Different measurement systems are used in the world of pumps. Especially confusing are the
British and US customary systems. Even the metric system is not applied consistently: for
discharge we see often m
3
/hour, m
3
/second and litres/second. The following units will be used
in this manual:
Parameter Unit
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Affordable low-lift pumping for small-scale irrigation: appropriate equipment selection
vapour pressure, atmospheric pressure p mbar (1 mbar = 0,0102 m)

SI
p
Pa (Pascal, N/m2)
pump head H, NPSH, friction loss H
f,
H
l,
H
v
m (of water; 1 m = 98,1 mbar)
Temperature T °C
Power P kW

SI
P
W

hp
P
hp (horsepower; 1 hp = 0,7457 kW)
efficiency
η (in equations a fraction, never %!)
suction, discharge and impeller sizes d mm (sometimes inches: 25,4 or 25 mm)
D, diameter m
discharge q m3/h
Q m3/s (q=3600Q)
angular velocity (engine, pump speed),n rpm
density
ρ
(i.e. mass density) kg/m3
flow velocity v m/s
gravitational acceleration g 9.81 m/s
2
2.4 Some Useful Equations
2.4.1 Velocity
2 2
d
q 8 , 353
D
Q 4
A
Q
V ·
π
· · (units as above)
2.4.2 Velocity Head
2
4
2
2
2
v
d
q 5 , 6375
D
Q 4
g 2
1
g 2
V
h ·

,
_

¸
¸
π
· · ; experimental values for energy
losses in elbows, enlargements, contractions, valves etc. are usually reported in terms of a
resistance coefficient, K, as follows: H
l
= K(v
2
/2g). Values for K can be found in the pump
selection spreadsheet: [PUMPSELECT.xls]Accessoires!$A$29.
2.4.3 Head in m
H20

p . 0102 , 0
g .
p
H
SI

ρ
·
1 m
H20
= 0,09784 atm = 9806,65 Pa = 9806,65 N/m
2
= 0,1 kgf/cm
2
= 0,1 at = 1,403958 psi
2.4.4 Power Required
η
≈ ⇒
η
ρ
·
man man
SI
H . q . 002725 , 0
P
H . Q . g .
P
2.4.5 Hazen-Williams Formula
852 , 1
63 , 2
h
852 . 1
63 . 0
h
f
d . C
q
L
R AC 85 . 0
Q
L H
1
]
1

¸

·
1
]
1

¸

· , where R is
the hydraulic radius (=D/4 in circular pipes) and C
h
is the Hazen-Williams coefficient. For C
h
values see Section 6.2. The Hazen-Williams formula is one of the most popular formulas for
the design and analysis of water systems. Its use is limited to the flow of water in pipes larger
than 50 mm and smaller than 2 m in diameter. The velocity of flow should not exceed 3 m/s.
Also, it has been developed for water at 15,5°C. Use at temperatures much lower or higher
would result in some error.

2.3.5 Hazen & Williams Friction Formula Hf=
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Affordable low-lift pumping for small-scale irrigation: appropriate equipment selection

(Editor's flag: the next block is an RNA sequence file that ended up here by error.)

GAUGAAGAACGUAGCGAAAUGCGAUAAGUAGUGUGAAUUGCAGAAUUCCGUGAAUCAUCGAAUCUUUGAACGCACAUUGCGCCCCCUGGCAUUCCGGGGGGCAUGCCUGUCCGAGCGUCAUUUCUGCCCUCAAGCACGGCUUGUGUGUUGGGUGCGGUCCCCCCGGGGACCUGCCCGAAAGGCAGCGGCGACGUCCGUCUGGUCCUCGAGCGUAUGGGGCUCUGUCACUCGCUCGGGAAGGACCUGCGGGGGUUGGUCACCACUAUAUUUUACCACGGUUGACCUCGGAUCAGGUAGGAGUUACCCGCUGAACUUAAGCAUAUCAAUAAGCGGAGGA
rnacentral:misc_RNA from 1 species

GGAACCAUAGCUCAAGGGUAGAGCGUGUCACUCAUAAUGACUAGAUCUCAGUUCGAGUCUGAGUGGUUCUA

Chapter 3
Pumping Efficiency
3.1 Introduction
Internal combustion engines were used to power pumps as early as the 1920s and 1930s.
Nowadays, mostly electric motors are used for irrigation pumping where a reliable electricity
supply is available. For political rather than environmental reasons, development policies
often tax diesel and heavily subsidize electricity, so efficiency in electric pump sets may be
less of an issue to many farmers. Diesel and petrol continue to be used as fuel sources where
no electric lines exist or where electric power is not reliable (because the subsidies are not
sustainable). The main advantages of mobile pump units are easy installation and easy
removal. Installation costs often equal transportation costs. This flexibility makes diesel-
powered mobile pump sets very suitable for irrigation development programmes with a high
self-help content, especially in Africa, where rural electrification is still rare.
The few data that are available on actual field performance indicate that overall efficiencies
are very low, in the range of 0.5 to 8%, and that such poor levels are quite common (FAO,
1992). One of the causes is oversizing of the engine. This usually results in higher investment
costs, higher power costs, lower efficiencies, and is generally a luxury which most farmers
cannot afford (ASAE, 1983). Some of the causes of low efficiency can be corrected at little
cost once the problem is identified (see section 7.4 below), but unfortunately it is easy to run
an inefficient pumping system without realizing it.
Figure 9: efficiency range of components of a diesel-powered pump unit (adapted from FAO, 1992,
picture from Milnars, 1994)
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Affordable low-lift pumping for small-scale irrigation: appropriate equipment selection
Conventionally, overall engine powered pumping plant efficiency performance is computed as
the product of efficiencies of the following individual components: